In late August, at a Best Western Hotel in Moreno Valley, California, a hardscrabble town 65 miles east of Los Angeles, a young, barefoot woman quietly approached the desk clerk. Her name was Jay, she had a tattoo of the word “Special” across her chest, and she seemed panicked. “I’ve been kidnapped,” she whispered. She said that she’d been walking to a store in Compton the previous afternoon when she was snatched off the street by four men in a black Mercedes. One man said he would be her pimp, and she would need to “work the blade,” slang for hooking. Jay said the men had quickly posted pictures of her under the “escort” tab on Backpage.com, and brought her to the hotel, where they enlisted another woman to guard her while she took dates. “They’re upstairs. They have a gun,” she told the horrified clerk, who quickly took Jay into a locked breakroom and called the police.
Two weeks later, on Sept. 4, the four men — Muhammad Malik, 32, Ibrahim Malik, 25, Yahya Malik, 23, Jerry Landers, 21 — and one woman, 20-year-old Ana Cejas, appeared in a superior courtroom in Riverside, California, draped in jailhouse scrubs and shackles for a preliminary trial on human trafficking charges. Cejas was facing a 20-year sentence; all the men were looking at life sentences. All pleaded not guilty.
It was one of the first human trafficking trials in California since voters approved Proposition 35 in November 2012, a measure that upgraded street pimps to sex traffickers and imposed severe mandatory prison sentences. Successful prosecution of the five would rely solely on Jay’s testimony of what happened at the Best Western in Moreno Valley, but at 8:30 a.m. on the first day of trial, Jay was nowhere to be found.
Prop 35 was a huge victory for anti–sex trafficking advocates, passing 81% to 19%; over 10 million Californians voted in favor of stricter laws against slavery and sexual exploitation. Supporters argued that increased mandatory sentences would mean that people who exploit other human beings for their labor — whether through prostitution or unpaid domestic work — would be less likely to reoffend because they would be serving longer prison sentences. And with longer sentences, victims would be encouraged to come forward because they would know their tormentors would be severely punished.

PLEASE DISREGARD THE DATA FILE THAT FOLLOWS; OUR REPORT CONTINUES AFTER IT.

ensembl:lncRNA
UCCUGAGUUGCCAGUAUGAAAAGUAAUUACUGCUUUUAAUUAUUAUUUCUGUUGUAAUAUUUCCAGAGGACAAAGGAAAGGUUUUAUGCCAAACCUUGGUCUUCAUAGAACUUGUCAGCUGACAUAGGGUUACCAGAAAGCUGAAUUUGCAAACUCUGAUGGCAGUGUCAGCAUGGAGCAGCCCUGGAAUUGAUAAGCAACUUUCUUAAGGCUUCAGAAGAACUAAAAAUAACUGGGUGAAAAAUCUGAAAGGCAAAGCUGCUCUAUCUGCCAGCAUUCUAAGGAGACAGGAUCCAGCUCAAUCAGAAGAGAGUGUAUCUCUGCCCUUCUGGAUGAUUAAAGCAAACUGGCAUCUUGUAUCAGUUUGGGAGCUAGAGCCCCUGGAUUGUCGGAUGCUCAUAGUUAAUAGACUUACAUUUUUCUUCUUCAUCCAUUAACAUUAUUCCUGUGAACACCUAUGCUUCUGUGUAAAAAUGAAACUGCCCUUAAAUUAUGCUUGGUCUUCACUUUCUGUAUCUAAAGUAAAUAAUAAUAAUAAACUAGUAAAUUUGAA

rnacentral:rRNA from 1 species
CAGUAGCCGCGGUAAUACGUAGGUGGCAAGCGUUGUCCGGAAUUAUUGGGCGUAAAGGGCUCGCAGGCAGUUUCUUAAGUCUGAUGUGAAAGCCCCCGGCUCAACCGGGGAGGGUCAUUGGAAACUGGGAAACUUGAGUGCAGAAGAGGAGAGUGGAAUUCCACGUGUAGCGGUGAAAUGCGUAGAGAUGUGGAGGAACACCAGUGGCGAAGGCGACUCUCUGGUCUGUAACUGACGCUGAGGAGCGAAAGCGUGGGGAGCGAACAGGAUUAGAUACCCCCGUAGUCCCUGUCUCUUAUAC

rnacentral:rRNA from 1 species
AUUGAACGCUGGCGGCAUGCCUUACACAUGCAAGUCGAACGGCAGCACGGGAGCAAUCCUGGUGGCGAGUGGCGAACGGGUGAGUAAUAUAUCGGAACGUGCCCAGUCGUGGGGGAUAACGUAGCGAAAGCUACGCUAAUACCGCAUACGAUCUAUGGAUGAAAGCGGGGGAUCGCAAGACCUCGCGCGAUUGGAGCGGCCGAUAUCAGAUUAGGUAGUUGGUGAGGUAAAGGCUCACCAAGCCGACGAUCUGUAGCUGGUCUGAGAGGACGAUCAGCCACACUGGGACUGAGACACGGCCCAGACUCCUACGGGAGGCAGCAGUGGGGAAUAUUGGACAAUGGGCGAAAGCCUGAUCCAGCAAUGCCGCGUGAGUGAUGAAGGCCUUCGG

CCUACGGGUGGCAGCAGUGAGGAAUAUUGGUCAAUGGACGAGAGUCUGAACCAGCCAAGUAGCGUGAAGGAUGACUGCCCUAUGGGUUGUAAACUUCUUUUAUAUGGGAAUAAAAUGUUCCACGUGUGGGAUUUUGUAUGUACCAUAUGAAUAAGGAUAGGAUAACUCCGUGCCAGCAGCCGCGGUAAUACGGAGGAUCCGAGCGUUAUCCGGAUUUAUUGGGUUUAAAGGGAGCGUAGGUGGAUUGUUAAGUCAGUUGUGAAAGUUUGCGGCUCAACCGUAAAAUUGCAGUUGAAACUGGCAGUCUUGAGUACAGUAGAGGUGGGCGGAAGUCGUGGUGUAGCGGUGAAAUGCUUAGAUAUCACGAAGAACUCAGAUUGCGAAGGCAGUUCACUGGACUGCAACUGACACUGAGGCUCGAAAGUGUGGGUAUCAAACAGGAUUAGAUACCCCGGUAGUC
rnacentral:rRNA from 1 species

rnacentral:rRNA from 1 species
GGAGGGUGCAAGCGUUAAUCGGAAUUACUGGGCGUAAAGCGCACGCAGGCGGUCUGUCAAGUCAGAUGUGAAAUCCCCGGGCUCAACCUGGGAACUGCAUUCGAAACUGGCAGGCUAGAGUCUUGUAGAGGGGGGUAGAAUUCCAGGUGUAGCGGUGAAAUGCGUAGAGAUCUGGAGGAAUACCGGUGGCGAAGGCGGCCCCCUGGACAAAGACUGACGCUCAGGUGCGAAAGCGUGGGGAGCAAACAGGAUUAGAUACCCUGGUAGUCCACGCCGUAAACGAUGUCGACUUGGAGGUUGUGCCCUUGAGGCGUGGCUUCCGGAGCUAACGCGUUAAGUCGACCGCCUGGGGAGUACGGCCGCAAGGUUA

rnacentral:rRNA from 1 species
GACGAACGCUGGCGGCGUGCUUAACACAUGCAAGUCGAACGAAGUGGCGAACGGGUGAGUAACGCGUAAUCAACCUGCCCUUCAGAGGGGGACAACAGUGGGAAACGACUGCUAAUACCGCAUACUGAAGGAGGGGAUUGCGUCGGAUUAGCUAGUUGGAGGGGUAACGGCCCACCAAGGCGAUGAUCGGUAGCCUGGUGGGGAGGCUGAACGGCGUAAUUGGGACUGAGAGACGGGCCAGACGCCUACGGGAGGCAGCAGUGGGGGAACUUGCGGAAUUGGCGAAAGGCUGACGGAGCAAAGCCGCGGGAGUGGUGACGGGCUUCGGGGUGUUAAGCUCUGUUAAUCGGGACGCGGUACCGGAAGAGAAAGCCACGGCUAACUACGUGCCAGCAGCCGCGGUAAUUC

Before Prop 35, the longest prison sentence under state law for pimping and pandering was eight years; now it’s 15 years to life. Prop 35 also mandates that traffickers pay direct restitution to their victims. “Unlike crimes driven by psychiatric disorders, human trafficking is a criminal business driven by profits,” says Daphne Fung, the founder of Californians Against Slavery, one of the most public advocates of Prop 35. “It can be stopped if we cut the profits and increase the risk.”
The notion of prostitution being recast as a human trafficking issue instead of a routine vice problem started to gain popularity in the last few years. Demi Moore and now ex-husband Ashton Kutcher started a nonprofit, Thorn (formerly DNA Foundation), to advocate against human trafficking abroad and in the states in 2009. In 2011, the power couple enlisted Justin Timberlake, Sean Penn, Jamie Foxx, and Bradley Cooper to star in a series of public service announcements that proclaimed, “Real men don’t buy girls.”
Prop 35 went into effect in January 2013, giving law enforcement, county prosecutors, and judges a new tool to go after complex national or transnational crime networks that use false imprisonment, force, or extortion to extract labor from other people. Police department vice squads throughout California have reformulated their strategies for combating the illegal sex trade. Orange and Los Angeles County vice officers, for instance, have called Prop 35 a “paradigm shift.” Before Prop 35, it was standard procedure for cops to pose as “johns,” arrest any prostitute who offered them sex for money, and then jail the woman, without ever pursuing charges against her pimp.
Now, says Anaheim Police Lieutenant Steve Marcin, “human sex trafficking victims equate to modern-day slaves,” adding that the goal at the law enforcement level has become to “rescue women from their pimps, and redirecting their lives.”
But what some police and prosecutors are learning is some women don’t want to be rescued.
After Jay failed to show up for court, staff from the Riverside District Attorney’s office drove 80 miles to Panorama City to pick her up from a motel room she was sharing with a friend. She arrived at 1:30 p.m. in jeans, a white tank top, and flip-flops, and took the stand while her alleged abductors looked on. One of the men sneered at her, sucked his teeth, and shook his head. Another broke into what seemed to be genuine loud sobs and wails.